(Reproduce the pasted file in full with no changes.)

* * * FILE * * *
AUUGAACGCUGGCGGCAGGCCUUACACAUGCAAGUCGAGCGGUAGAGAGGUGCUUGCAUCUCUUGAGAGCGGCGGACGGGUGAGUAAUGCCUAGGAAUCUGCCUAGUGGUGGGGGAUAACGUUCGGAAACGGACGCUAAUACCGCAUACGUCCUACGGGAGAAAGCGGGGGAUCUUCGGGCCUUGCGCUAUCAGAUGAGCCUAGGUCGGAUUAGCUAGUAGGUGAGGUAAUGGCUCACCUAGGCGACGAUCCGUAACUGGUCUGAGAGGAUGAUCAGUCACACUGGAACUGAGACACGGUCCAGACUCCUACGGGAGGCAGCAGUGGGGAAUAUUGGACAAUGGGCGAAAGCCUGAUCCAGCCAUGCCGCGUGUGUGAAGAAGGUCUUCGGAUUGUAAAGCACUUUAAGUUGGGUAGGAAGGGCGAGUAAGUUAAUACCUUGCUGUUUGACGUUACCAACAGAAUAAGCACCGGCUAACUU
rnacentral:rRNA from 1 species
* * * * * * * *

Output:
AUUGAACGCUGGCGGCAGGCCUUACACAUGCAAGUCGAGCGGUAGAGAGGUGCUUGCAUCUCUUGAGAGCGGCGGACGGGUGAGUAAUGCCUAGGAAUCUGCCUAGUGGUGGGGGAUAACGUUCGGAAACGGACGCUAAUACCGCAUACGUCCUACGGGAGAAAGCGGGGGAUCUUCGGGCCUUGCGCUAUCAGAUGAGCCUAGGUCGGAUUAGCUAGUAGGUGAGGUAAUGGCUCACCUAGGCGACGAUCCGUAACUGGUCUGAGAGGAUGAUCAGUCACACUGGAACUGAGACACGGUCCAGACUCCUACGGGAGGCAGCAGUGGGGAAUAUUGGACAAUGGGCGAAAGCCUGAUCCAGCCAUGCCGCGUGUGUGAAGAAGGUCUUCGGAUUGUAAAGCACUUUAAGUUGGGUAGGAAGGGCGAGUAAGUUAAUACCUUGCUGUUUGACGUUACCAACAGAAUAAGCACCGGCUAACUU
rnacentral:rRNA from 1 species